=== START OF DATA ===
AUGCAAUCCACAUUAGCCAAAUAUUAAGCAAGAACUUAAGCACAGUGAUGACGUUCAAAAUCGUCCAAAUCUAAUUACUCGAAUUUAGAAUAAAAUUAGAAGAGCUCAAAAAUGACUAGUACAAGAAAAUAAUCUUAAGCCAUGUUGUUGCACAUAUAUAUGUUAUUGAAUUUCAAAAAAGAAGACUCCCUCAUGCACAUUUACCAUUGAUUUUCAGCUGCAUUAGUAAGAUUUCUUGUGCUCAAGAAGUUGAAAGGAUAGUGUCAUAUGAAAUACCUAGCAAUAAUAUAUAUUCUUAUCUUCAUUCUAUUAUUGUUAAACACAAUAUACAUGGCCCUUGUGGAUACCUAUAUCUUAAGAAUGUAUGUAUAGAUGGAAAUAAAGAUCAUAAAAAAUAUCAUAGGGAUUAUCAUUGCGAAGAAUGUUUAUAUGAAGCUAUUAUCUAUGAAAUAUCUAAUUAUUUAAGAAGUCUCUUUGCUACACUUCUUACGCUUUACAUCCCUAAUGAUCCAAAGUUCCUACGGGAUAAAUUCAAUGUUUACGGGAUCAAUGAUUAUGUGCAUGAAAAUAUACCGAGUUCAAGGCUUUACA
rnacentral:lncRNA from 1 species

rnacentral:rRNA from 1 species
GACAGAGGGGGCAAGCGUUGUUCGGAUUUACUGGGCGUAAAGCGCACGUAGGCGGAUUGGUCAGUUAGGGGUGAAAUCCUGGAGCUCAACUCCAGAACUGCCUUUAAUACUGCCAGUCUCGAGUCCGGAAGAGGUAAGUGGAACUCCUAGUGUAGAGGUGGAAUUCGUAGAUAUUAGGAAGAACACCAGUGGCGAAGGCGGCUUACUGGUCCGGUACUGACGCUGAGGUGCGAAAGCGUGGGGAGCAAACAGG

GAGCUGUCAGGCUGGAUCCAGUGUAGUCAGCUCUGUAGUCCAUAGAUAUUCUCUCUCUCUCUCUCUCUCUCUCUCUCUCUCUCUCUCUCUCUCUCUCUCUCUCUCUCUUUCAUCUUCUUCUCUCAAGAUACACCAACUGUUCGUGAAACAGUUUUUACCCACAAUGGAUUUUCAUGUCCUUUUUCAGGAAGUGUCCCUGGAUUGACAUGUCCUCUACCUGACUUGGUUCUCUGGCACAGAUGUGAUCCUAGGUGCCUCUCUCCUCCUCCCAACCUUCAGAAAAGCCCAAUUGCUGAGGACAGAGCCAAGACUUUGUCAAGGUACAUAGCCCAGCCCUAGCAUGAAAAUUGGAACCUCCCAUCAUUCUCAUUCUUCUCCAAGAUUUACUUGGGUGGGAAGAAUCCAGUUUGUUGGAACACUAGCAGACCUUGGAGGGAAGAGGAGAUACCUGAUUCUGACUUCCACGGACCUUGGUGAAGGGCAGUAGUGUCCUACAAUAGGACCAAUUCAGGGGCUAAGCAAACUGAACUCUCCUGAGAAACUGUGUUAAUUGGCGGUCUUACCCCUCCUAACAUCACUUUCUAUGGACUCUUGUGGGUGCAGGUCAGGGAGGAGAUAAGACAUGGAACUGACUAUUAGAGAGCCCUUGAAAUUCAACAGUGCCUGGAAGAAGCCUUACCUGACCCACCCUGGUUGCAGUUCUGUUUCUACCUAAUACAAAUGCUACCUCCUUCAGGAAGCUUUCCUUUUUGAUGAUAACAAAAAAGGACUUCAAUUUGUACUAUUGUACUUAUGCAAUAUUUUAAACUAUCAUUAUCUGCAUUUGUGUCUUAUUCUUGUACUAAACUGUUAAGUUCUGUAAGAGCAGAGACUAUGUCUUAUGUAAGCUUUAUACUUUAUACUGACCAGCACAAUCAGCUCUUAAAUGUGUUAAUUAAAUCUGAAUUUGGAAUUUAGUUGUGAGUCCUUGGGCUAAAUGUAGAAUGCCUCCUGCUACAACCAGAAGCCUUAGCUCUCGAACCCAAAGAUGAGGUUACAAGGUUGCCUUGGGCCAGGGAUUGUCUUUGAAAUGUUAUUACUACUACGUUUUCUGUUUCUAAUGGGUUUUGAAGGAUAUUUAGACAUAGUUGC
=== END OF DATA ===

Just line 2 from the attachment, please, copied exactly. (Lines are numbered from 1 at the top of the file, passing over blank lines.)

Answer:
rnacentral:lncRNA from 1 species